A video posted to Facebook also shows a police officer in the U.K. Terrorizing a black man. In the video the officer can be heard asking Jack Chambers “You’re going to go Black Lives Matter on us, are you?”
Chambers can be heard replying, “Yeah”, as the surrounding officers laugh.
The officer is then heard saying: “You would be the first one I’d shoot if I had a gun, definitely,” to which the Chambers replies: “Oh f***ing hell.”
It was unclear why police visited the man’s house. A spokesperson for the force said the “racial comments” were made during a search of a premises in Coventry on August 24th.
Chambers has since filed an official complaint and Officers from West Midlands Police’s Professional Standards Department are now investigating the incident.
Assistant Chief Constable Alex Murray said: “What was said was not right and the officer has been removed from front line duties pending further assessment, but The officer has already expressed remorse and is very apologetic over his comments.”
A New Orleans Police Department officer was arrested Saturday (Sept. 9) and accused of raping a Kenner woman while she was intoxicated.
William Burford, a 28-year-old probationary officer with NOPD, was booked with third-degree rape, said Lt. Brian McGregor, spokesman for the Kenner Police Department.
Burford and the 20-year-old victim know each other through mutual friends, according to authorities. The woman told police she had been asleep in a bed at a Kenner residence after drinking for several hours with him and others, an arrest report said.
The New Orleans Family Justice Center, University Medical Center and Children’s Hospital all offer services for survivors.
She woke to find Burford on top of her. She wasn’t able to push him off because of his weight and her intoxicated state, McGregor said.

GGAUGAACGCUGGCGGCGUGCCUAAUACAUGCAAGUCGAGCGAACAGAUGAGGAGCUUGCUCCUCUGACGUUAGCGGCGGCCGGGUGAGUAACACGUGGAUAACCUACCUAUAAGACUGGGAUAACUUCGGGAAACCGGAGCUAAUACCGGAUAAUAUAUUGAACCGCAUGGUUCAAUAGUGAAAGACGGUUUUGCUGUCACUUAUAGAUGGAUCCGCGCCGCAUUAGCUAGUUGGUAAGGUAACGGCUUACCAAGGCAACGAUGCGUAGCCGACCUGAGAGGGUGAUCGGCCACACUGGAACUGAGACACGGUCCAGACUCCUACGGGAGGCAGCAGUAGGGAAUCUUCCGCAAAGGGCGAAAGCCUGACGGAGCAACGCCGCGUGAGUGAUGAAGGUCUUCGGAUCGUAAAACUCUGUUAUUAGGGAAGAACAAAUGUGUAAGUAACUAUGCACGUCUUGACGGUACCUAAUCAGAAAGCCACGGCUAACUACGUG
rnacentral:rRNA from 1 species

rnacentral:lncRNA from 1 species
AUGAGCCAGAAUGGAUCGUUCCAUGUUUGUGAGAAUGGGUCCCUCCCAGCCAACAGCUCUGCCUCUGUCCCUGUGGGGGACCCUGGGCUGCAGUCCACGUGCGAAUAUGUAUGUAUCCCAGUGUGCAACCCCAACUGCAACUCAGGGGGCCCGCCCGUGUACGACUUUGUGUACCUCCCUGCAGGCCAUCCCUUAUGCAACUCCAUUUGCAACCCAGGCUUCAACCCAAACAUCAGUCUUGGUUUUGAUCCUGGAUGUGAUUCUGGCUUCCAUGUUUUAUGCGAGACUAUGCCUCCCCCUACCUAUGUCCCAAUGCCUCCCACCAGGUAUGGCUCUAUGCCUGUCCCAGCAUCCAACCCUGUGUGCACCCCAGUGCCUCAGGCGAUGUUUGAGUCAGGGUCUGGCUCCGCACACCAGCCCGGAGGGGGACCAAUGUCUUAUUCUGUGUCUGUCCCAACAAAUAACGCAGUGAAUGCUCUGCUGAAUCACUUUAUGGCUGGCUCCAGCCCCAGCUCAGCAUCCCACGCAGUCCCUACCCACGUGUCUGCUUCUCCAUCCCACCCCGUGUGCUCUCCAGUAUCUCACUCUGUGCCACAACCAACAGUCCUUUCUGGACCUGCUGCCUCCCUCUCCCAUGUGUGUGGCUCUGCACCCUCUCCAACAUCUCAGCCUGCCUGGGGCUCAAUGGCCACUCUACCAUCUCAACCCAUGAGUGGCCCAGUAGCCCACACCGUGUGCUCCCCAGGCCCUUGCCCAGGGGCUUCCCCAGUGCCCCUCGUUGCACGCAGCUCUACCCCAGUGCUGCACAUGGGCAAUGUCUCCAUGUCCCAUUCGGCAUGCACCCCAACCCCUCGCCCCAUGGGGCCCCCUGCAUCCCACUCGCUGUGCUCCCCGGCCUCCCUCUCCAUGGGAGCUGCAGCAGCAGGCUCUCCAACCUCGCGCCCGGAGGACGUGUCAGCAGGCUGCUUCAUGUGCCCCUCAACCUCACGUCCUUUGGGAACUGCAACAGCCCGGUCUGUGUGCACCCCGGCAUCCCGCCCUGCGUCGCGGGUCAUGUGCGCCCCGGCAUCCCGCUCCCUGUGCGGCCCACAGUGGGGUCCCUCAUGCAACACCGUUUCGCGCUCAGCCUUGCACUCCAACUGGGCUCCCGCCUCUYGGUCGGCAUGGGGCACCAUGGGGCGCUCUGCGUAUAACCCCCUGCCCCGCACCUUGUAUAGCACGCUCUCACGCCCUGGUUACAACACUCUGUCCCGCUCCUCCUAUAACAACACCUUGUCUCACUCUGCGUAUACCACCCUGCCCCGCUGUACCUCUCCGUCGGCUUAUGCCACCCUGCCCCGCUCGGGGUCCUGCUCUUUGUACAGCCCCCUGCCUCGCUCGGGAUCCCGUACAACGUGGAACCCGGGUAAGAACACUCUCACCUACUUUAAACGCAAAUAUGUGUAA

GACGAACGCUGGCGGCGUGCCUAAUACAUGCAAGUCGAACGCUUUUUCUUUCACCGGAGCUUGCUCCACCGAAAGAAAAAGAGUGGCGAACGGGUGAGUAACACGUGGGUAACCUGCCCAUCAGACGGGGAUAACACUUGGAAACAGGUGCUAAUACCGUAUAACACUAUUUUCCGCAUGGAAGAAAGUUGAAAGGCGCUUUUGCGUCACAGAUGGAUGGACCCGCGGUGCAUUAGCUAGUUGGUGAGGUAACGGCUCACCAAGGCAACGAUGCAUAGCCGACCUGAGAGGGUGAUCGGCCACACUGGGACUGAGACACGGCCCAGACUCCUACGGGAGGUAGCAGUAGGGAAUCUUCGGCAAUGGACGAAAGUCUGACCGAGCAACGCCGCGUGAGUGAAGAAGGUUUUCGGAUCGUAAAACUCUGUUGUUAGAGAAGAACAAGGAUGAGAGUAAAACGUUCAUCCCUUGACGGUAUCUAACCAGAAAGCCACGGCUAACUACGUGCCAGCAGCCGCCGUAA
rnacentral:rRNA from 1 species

The woman went to a hospital on Saturday. Staffers contacted Kenner police to report the rape.
When questioned by investigators Burford told police the sex was consensual, according to McGregor.
“He knew she was intoxicated,” McGregor said. “He thought it was ok. I don’t know what led him to believe that.”
Kenner investigators booked Burford with third-degree rape because the victim was impaired and unable to put up any resistance to his actions, McGregor said.
Burford was booked into the Jefferson Parish Correctional Center in Gretna. He was released Sunday on a $25,000 bond.
Burford has been placed on emergency suspension without pay while the incident is investigated by the department’s Public Integrity Bureau, NOPD spokesman Beau Tidwell said.
“The allegations against Mr. Burford in no way reflect the values of the NOPD,” Tidwell said.
Burford was hired by NOPD in December 2015 and graduated from the police academy with Class 176 in October 2016. Tidwell said Burford was working in NOPD’s Fifth District which polices Bywater, Lower 9th Ward and Upper 9th Ward.
Tidwell confirmed Burford is a probationary officer. NOPD recruits who graduate from the academy work for a period of time as a probationary officer before they obtain civil service protections.
Including Buford, at least four current or former members of NOPD recruit classes who went through the academy in 2016 have been arrested in the New Orleans metro area.
In March of this year, Justin Hammonds, then 29, was arrested by the Jefferson Parish Sheriff’s Office and booked with domestic abuse battery. Hammonds was an NOPD recruit at the time — a member of Class 179, which graduated in July 2017. The department dismissed Hammonds March 21, Tidwell said.
In October 2016, Jacob Dye, then 21, was accused of breaking into a Mandeville hair salon and arrested by Mandeville police on a burglary charge. Dye was an NOPD recruit at the time — a member of Class 175, which graduated in July 2016. Dye resigned Oct. 14, 2016, while he was under investigation by the Public Integrity Bureau, Tidwell said.